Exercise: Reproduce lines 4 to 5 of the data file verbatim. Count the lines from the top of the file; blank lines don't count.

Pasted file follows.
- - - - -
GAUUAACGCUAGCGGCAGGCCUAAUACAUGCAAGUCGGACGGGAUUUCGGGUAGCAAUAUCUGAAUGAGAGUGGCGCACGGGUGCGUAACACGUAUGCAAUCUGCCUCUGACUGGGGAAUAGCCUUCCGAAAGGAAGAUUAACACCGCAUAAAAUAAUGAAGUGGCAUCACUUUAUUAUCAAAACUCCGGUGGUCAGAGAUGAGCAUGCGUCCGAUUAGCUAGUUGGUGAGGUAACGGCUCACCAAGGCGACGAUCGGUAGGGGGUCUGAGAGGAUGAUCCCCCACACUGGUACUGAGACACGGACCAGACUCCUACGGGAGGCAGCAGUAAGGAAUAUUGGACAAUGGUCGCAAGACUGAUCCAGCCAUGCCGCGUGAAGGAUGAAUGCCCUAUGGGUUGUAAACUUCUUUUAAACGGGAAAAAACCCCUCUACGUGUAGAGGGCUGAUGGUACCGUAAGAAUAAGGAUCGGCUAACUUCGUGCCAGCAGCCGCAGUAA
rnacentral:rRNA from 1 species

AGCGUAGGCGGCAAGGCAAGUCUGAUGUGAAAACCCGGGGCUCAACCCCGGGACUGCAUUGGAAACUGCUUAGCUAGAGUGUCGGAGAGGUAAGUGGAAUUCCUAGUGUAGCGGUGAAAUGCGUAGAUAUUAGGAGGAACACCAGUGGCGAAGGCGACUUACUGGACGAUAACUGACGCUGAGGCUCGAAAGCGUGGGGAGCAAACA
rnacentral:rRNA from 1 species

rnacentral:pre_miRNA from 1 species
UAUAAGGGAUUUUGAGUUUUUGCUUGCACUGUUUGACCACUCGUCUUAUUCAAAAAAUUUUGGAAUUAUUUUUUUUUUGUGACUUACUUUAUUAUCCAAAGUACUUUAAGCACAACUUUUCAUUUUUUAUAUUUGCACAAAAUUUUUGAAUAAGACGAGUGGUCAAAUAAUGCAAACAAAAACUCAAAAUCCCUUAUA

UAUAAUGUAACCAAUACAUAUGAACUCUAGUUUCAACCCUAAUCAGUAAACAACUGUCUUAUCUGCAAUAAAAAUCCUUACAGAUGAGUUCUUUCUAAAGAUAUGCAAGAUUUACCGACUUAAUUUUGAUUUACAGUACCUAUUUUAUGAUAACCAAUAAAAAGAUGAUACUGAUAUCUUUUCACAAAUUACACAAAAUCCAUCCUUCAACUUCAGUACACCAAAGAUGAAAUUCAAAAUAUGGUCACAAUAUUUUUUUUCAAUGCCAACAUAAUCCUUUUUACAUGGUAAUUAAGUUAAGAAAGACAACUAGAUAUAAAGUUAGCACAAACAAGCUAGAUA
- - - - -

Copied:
rnacentral:rRNA from 1 species

rnacentral:pre_miRNA from 1 species